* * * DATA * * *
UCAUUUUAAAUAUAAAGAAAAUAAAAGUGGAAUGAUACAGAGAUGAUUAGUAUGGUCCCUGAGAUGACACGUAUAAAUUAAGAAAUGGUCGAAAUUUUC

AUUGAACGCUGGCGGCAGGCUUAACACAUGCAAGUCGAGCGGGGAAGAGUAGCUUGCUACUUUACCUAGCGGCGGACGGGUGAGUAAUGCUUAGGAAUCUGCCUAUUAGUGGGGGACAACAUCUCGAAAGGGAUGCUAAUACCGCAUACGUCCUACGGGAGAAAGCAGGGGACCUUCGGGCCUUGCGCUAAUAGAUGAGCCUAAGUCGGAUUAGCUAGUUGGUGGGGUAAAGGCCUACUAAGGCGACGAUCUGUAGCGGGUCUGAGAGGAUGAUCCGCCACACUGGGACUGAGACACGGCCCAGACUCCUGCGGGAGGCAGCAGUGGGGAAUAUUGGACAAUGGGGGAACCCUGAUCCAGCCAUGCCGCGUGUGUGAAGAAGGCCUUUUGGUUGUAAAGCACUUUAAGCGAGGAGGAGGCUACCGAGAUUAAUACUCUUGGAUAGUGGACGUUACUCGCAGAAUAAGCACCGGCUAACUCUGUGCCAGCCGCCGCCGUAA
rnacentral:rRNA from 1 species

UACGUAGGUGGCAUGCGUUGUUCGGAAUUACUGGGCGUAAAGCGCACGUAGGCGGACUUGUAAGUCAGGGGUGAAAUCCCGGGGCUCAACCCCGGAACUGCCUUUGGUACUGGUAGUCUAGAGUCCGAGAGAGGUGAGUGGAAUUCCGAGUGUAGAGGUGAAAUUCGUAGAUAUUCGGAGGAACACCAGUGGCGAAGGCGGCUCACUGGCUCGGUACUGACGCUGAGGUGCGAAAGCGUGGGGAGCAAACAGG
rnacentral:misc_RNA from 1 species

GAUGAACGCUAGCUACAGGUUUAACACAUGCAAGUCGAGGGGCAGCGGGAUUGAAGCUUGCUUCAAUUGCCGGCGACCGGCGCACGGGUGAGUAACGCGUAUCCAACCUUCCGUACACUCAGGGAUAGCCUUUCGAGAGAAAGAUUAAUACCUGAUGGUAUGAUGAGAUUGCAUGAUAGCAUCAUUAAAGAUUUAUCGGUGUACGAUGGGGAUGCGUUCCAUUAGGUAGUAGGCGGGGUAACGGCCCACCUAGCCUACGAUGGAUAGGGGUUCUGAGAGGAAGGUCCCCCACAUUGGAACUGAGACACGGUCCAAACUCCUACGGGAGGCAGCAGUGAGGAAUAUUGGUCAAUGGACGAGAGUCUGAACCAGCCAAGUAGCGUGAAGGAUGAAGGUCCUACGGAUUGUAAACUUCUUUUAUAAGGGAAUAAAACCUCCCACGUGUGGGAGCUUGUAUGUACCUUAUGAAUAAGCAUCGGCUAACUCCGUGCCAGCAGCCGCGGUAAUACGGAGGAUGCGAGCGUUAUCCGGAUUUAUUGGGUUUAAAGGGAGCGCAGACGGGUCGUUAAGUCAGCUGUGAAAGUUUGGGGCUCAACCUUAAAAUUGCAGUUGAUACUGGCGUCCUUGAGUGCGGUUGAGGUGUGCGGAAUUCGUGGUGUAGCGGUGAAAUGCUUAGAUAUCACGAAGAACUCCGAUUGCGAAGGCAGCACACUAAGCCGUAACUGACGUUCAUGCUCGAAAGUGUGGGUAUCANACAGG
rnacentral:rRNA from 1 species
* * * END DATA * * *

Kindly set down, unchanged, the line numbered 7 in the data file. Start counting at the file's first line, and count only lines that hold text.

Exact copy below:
rnacentral:rRNA from 1 species